Brief description of teaching and learning methods:

Two one-hour lectures per week with approximately one workshop/seminar every two weeks. Two one-hour revision classes in the Summer Term.

Contact hours:
  Autumn Spring Summer
Lectures 20 20
Seminars 6 6 3
Guided independent study 61 65 19
Total hours by term 87.00 91.00 22.00
Total hours for module 200.00

Summative Assessment Methods:
Method Percentage
Written exam 75
Class test administered by School 25

Summative assessment- Examinations:

A two-hour examination during the Summer Term based upon lecture and workshop material. 75%

Summative assessment- Coursework and in-class tests:

One-hour closed book examination at the beginning of the Spring Term based on lecture and workshop material. 25%

Submission dates:

Term Test, Week 2 Spring Term 

Formative assessment methods:

Students will attend workshop/seminars on the material covered in this module. During these, students will work on set problems with members of staff present to give guidance and feedback. Attendance is compulsory.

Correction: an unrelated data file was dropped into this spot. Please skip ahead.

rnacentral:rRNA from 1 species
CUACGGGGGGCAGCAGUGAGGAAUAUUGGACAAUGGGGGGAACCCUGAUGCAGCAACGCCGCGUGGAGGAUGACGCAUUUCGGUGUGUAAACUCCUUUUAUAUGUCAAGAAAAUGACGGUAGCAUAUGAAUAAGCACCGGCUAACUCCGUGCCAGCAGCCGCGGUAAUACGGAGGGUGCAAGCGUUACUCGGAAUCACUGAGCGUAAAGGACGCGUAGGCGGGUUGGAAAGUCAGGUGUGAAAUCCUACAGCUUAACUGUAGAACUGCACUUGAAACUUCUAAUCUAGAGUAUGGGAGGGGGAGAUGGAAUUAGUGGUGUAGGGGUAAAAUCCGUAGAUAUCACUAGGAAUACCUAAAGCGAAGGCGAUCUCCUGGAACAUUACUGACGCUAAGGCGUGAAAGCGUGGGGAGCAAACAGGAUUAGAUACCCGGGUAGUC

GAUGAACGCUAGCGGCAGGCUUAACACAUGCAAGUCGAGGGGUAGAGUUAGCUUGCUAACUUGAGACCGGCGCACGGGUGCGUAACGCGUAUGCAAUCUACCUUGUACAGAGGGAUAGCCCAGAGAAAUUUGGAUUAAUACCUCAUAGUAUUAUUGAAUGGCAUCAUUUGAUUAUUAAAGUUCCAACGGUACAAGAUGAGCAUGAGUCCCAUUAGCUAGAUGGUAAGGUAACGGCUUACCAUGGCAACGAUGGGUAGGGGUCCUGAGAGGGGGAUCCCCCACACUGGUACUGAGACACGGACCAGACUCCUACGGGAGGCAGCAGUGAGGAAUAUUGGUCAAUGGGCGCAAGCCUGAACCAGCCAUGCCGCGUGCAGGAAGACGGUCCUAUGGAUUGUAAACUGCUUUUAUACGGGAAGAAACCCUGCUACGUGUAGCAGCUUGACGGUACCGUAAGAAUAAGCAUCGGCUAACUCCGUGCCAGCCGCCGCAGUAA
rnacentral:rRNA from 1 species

Penalties for late submission:
The Module Convener will apply the following penalties for work submitted late:

  • where the piece of work is submitted after the original deadline (or any formally agreed extension to the deadline): 10% of the total marks available for that piece of work will be deducted from the mark for each working day[1] (or part thereof) following the deadline up to a total of five working days;
  • where the piece of work is submitted more than five working days after the original deadline (or any formally agreed extension to the deadline): a mark of zero will be recorded.

  • The University policy statement on penalties for late submission can be found at:
    You are strongly advised to ensure that coursework is submitted by the relevant deadline. You should note that it is advisable to submit work in an unfinished state rather than to fail to submit any work.

    Assessment requirements for a pass:

    A mark of 40% overall. 

    Reassessment arrangements:

    Reassessment will be held in August 2019 and will be by examination only, worth 100%.

    Additional Costs (specified where applicable):

    Last updated: 18 September 2018